There are few certainties in life. In fact, one might argue that the only certainty of life is uncertainty and the unpredictable nature of being is what defines the so-called human condition. While you can’t predict the ups and downs throughout our existence, you can still prepare for the unexpected. Managing risk can take many forms, whether it’s keeping our jobs secure, maintaining healthy friendships, or ensuring the care of our families.
Risk Management in Professional Life
Risk reduction in the business world requires the confidence to act when we know a risk exists. We want to project a sense of conviction and self-assurance to our coworkers and supervisors. Unfortunately, many of us still struggle with workplace anxiety. A recent study performed by the Boston College Working Project found that the majority of subjects interviewed felt nervous about their job security. They reported feeling “untethered,” and majorly concerned about losing their position or disrupting their career. Even if employee fears are unsubstantiated, the worry is real. A study by Anxiety and Depression Association of America found that 56 percent of people say their job is negatively impacted by stress, and the Center for Disease Control found that these feelings can lead to a 35 percent reduction in cognitive performance.
Managing these feelings of stress is all about remaining positive and pragmatic. While worrying is wasted energy, there are some actionable steps you can take to feel more confident and secure in your career. You might consider:
- Requesting routine job performance one-on-ones to ensure you’re meeting metrics
- Making a detailed list of workplace goals and documenting your progress
- Watching webinars or taking classes to learn new skills as career development
- Applying for promotions and career advancements
- Speaking with a mental health professional or at-work human resources counselor
Regardless of what steps you take, believing in yourself and trusting your abilities is a great start. Once that workplace anxiety begins to melt away, you can address other areas of risk in your personal life.
Risk Management with Friends
One of the biggest parts of managing risk within your friend group is setting reasonable boundaries. We turn to our social circle for to have fun, receive advice in tough situations, and to generally feel validated in our emotions. In turn, friends will often reach out to you for the same. But when the balance feels off, or one of you is consuming an uneven amount of emotional energy from the other, it can start to feel unhealthy.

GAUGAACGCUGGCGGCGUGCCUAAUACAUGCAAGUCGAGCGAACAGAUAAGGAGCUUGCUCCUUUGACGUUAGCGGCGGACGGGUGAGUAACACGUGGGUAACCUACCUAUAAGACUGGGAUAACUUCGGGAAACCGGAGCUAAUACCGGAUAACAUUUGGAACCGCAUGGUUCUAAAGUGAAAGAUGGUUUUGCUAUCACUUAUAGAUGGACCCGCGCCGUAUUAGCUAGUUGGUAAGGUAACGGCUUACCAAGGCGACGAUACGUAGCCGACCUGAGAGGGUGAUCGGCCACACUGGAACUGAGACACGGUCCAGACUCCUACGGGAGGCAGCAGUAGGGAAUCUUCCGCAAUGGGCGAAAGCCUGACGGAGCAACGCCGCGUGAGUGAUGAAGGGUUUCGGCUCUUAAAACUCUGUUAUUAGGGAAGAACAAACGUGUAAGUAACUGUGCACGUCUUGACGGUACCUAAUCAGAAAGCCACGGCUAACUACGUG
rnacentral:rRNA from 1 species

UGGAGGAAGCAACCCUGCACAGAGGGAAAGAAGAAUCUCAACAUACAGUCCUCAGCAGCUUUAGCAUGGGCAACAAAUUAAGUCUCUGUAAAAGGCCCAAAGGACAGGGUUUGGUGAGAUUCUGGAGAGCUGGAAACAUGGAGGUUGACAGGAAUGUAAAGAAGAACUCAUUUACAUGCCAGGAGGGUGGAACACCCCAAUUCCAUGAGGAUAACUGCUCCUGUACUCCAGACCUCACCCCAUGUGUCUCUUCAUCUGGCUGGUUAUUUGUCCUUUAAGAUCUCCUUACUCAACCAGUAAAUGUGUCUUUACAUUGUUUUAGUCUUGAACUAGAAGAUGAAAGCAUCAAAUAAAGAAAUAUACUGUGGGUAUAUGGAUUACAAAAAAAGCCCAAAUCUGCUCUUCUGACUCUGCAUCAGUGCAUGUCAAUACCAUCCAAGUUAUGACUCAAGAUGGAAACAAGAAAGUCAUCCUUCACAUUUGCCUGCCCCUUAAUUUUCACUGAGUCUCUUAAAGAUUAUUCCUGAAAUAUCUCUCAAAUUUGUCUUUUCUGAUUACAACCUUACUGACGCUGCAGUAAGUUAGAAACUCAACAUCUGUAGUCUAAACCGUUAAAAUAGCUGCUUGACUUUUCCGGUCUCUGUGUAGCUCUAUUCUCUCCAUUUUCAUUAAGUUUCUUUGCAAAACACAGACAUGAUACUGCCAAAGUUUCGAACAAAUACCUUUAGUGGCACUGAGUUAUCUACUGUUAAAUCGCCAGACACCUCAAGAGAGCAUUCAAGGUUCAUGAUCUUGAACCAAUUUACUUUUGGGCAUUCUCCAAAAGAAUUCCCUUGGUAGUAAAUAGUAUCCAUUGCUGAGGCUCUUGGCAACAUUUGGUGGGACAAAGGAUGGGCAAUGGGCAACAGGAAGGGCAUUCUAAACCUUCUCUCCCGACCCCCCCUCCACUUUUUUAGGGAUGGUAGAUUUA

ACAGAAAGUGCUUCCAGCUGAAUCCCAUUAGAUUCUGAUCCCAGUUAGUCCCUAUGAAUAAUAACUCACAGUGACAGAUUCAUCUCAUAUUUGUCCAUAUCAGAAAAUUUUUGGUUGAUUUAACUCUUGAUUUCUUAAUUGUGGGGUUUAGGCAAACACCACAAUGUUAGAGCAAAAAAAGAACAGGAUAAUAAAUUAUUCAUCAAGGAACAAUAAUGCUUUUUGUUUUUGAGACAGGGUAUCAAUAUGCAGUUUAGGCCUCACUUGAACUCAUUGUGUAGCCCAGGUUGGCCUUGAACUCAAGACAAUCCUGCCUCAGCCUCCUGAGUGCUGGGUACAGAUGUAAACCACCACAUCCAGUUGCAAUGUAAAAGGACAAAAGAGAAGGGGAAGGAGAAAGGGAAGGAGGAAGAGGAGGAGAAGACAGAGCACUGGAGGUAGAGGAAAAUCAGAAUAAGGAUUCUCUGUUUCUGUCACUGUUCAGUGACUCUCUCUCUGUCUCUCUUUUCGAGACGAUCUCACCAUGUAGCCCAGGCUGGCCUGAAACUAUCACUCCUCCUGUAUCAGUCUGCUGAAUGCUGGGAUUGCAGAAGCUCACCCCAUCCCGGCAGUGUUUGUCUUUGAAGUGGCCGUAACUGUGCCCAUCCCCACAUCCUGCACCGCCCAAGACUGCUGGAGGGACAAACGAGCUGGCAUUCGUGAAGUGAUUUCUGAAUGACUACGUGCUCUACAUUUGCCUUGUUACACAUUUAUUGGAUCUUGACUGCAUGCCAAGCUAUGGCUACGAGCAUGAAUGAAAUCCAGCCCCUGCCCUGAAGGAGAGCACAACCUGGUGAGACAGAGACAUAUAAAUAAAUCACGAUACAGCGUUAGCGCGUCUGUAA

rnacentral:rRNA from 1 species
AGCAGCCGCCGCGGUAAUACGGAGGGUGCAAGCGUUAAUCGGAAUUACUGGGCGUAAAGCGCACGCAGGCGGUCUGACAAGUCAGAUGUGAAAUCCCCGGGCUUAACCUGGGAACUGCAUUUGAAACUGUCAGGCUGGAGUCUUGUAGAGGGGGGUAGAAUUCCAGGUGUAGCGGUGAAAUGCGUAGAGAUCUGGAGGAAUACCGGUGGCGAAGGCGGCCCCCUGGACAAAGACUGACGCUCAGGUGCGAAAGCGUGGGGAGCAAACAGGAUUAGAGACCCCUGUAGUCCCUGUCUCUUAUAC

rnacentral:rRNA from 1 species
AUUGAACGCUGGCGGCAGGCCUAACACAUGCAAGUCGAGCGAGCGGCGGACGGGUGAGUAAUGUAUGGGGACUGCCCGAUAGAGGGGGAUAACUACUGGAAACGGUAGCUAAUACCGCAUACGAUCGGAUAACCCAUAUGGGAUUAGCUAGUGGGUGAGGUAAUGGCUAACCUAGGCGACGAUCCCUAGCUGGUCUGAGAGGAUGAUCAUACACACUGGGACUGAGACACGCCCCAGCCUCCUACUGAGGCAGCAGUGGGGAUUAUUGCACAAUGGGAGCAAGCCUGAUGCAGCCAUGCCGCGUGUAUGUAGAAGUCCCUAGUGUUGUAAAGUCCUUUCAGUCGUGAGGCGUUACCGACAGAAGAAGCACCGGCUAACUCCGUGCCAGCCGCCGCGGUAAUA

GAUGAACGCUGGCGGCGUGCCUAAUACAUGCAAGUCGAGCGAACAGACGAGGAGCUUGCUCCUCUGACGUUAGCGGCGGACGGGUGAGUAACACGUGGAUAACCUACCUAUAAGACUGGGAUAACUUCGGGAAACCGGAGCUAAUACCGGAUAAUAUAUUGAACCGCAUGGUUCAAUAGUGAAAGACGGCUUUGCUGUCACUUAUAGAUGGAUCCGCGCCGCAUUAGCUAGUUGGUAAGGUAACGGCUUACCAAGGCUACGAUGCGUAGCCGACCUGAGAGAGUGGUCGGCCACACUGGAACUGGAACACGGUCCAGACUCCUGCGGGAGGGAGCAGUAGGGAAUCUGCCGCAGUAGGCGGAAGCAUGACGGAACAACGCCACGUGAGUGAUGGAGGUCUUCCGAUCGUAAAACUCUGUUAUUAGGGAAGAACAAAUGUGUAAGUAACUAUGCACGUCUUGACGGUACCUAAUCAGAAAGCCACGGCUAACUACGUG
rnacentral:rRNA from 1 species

No one likes having a difficult conversation with a friend, but honest communication is the hallmark of any good relationship. You may, for example, feel like a friend is demanding too much of your time. While you care deeply for the individual, there is a limit to how much emotional energy or labor you can provide. In an interview with the New Yorker, anthropologist Robin Dunbar said, ““The amount of social capital you have is pretty fixed. It involves time investment. If you garner connections with more people, you end up distributing your fixed amount of social capital more thinly so the average capital per person is lower.”
The important thing to do here is to acknowledge your own feelings and share them openly and clearly with your friend. You might frame your feelings in terms of actionable steps, such as “I can’t talk while I’m at work,” or “I don’t want any unexpected visitors dropping by.” Whatever it is that is bothering you, speak to them sincerely. If they’re a friend worth keeping, they’ll be happy to meet your needs.
Risk Management with Family
Whether you have a partner and children, or just want to ensure your parents are taken care of as they age, risk management with family is about creating stability. This includes more than just emotional stability, such as tangible planning through finances and insurance coverage.
For young professionals, it may seem a little early, or even overwhelming, to start planning for your family’s future. However, preparing for the unexpected is of vital importance for your loved ones. According to Social Security Administration statistics, 3 out of 10 Americans who enter the workforce will face disability before retirement. If something like this happens, or even something more serious, you mitigate the risk for your family by practicing good financial health, such as:
- Acquiring life insurance
- Acquiring disability insurance
- Contributing to a 401(k)
- Opening trusts or IRAs
Risk management may seem like a fancy word for anxiety, but it’s more about being practical and planning ahead. By maintaining a sense of job security, defining your relationships with friends, and planning financially for your family, you can live much more freely knowing that you’re protected from the risk of the great unknown.